Reprinted from article on naturalstrength.com
I competed in a Powerlifting Contest yesterday. I hadn’t planned on competing, this was supposed to be an event where four of the eight teens who I mentor through strength training could get some experience. All but one of them were competing in their first contest. I firmly believe in the developmental power of sports and two of the guys are high school aged but never found a sport that fit them. I was hoping that Powerlifting would be their niche.
Now, understand that I was tired. I work for a wonderful company on a rotating shift which allows me four days off one week and three the next. It’s great because I have time to pursue my writing dreams. But the trade off is that I work twelve hour back to back night shifts. I’d just ended my workweek, going in at 7 PM Friday night and getting off at 7 AM Saturday morning when we went to the competition which started at 11 AM. I knew that I’d be tired after being awake for twenty hours straight (I wake up at 3 PM during my workweek) but I assumed I’d be able to handle it and I’d have three days to recover from the abuse. Besides, I was only supposed to be there to coach.
Ha ha. Right. So, we’re at weigh in and the contest promoter, Tee “Skinny Man” Meyers started the trash-talking. Tee is an outstanding lifter in his own right, he pulls close to 800 lbs at a body weight hovering around 180 lbs in his mid fifties, but anyone who knows him knows that he’s also an outstanding trash talker, so before I knew it, I was at Wal-Mart buying shorts so I could compete. I didn’t even contemplate backing out but I did question my sanity as I stood in line to buy two bottles of Five Hour Energy and a protein bar along with the aforementioned shorts.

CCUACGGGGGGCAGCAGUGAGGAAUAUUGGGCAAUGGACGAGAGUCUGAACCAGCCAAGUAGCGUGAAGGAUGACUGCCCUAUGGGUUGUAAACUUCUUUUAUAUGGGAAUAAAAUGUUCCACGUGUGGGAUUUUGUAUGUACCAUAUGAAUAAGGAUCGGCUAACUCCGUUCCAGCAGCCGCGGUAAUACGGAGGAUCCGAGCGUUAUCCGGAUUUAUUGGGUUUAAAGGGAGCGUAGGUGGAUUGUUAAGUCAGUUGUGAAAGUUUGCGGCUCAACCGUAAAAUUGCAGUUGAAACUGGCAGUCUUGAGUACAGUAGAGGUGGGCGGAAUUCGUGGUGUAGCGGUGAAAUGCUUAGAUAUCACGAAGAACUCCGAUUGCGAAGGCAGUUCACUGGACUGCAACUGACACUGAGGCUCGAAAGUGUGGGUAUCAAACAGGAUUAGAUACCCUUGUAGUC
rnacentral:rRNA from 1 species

Granted, this is a local meet, but Tee is an USA Powerlifting official and disqualifies lifts just as strenuously at his own meets as he does for USAPL events. Plus, who wants to be embarrassed in front of a room full of people, including kids you coach? Then there was the guy in my weight class giving me the stink eye the whole time. Actually his attempt at intimidation worked in my favor. Now I had something to prove.
Anyway, it was a great day. Despite my butterflies, I benched only ten pounds less than my all time personal best at 340 lbs and deadlifted a personal best 470 lbs. These numbers aren’t the highest out there, but I’m all natural and compete raw, no special equipment other than a weight belt no matter when I lift. This was also my first time competing in deadlift and I missed pulling my personal goal weight of 500 lbs but I know what I need to do to get there.
The best thing was that the lifter giving me the stink eye was telling me “good lift” by the time we got to the deadlift portion. Turns out he’s pretty inexperienced and his stink eye was actually nerves. Glad I didn’t overreact.
That’s what I love about this part of the Iron Game. There’s mutual respect as everyone competing recognizes that everyone else there has sacrificed something to be there to walk the walk.
Now how did I train kids and myself for two hours total, drive for an hour to work, work twelve hours, drive forty five minutes and then compete successfully?
The keys are Jesus, smart training, consistency and Jesus.
I always pray before each lift asking for clarity and help lifting it. I ask the Holy Spirit to work through me to lift the weight. I give God the glory after every lift.